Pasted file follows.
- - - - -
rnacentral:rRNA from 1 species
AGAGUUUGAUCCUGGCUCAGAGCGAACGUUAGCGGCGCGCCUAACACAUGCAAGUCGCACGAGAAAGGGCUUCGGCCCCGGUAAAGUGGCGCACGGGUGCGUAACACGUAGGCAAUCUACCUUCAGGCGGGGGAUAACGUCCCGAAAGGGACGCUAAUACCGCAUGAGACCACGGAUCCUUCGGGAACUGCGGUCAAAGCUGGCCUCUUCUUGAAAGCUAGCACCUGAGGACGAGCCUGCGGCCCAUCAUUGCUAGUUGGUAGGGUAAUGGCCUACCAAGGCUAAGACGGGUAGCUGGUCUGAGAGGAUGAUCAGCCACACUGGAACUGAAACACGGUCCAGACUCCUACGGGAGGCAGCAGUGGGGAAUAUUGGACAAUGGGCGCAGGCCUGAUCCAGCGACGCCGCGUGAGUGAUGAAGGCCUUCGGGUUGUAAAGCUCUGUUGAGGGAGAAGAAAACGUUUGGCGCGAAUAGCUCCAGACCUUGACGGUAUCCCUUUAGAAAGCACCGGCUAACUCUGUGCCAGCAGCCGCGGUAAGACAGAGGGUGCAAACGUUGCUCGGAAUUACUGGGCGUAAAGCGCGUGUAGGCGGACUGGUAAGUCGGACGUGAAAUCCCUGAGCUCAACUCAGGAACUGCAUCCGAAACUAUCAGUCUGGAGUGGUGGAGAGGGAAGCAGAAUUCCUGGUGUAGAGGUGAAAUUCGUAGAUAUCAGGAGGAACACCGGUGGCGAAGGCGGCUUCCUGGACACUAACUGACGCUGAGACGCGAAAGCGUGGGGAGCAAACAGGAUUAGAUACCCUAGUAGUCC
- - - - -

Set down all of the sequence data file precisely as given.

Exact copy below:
rnacentral:rRNA from 1 species
AGAGUUUGAUCCUGGCUCAGAGCGAACGUUAGCGGCGCGCCUAACACAUGCAAGUCGCACGAGAAAGGGCUUCGGCCCCGGUAAAGUGGCGCACGGGUGCGUAACACGUAGGCAAUCUACCUUCAGGCGGGGGAUAACGUCCCGAAAGGGACGCUAAUACCGCAUGAGACCACGGAUCCUUCGGGAACUGCGGUCAAAGCUGGCCUCUUCUUGAAAGCUAGCACCUGAGGACGAGCCUGCGGCCCAUCAUUGCUAGUUGGUAGGGUAAUGGCCUACCAAGGCUAAGACGGGUAGCUGGUCUGAGAGGAUGAUCAGCCACACUGGAACUGAAACACGGUCCAGACUCCUACGGGAGGCAGCAGUGGGGAAUAUUGGACAAUGGGCGCAGGCCUGAUCCAGCGACGCCGCGUGAGUGAUGAAGGCCUUCGGGUUGUAAAGCUCUGUUGAGGGAGAAGAAAACGUUUGGCGCGAAUAGCUCCAGACCUUGACGGUAUCCCUUUAGAAAGCACCGGCUAACUCUGUGCCAGCAGCCGCGGUAAGACAGAGGGUGCAAACGUUGCUCGGAAUUACUGGGCGUAAAGCGCGUGUAGGCGGACUGGUAAGUCGGACGUGAAAUCCCUGAGCUCAACUCAGGAACUGCAUCCGAAACUAUCAGUCUGGAGUGGUGGAGAGGGAAGCAGAAUUCCUGGUGUAGAGGUGAAAUUCGUAGAUAUCAGGAGGAACACCGGUGGCGAAGGCGGCUUCCUGGACACUAACUGACGCUGAGACGCGAAAGCGUGGGGAGCAAACAGGAUUAGAUACCCUAGUAGUCC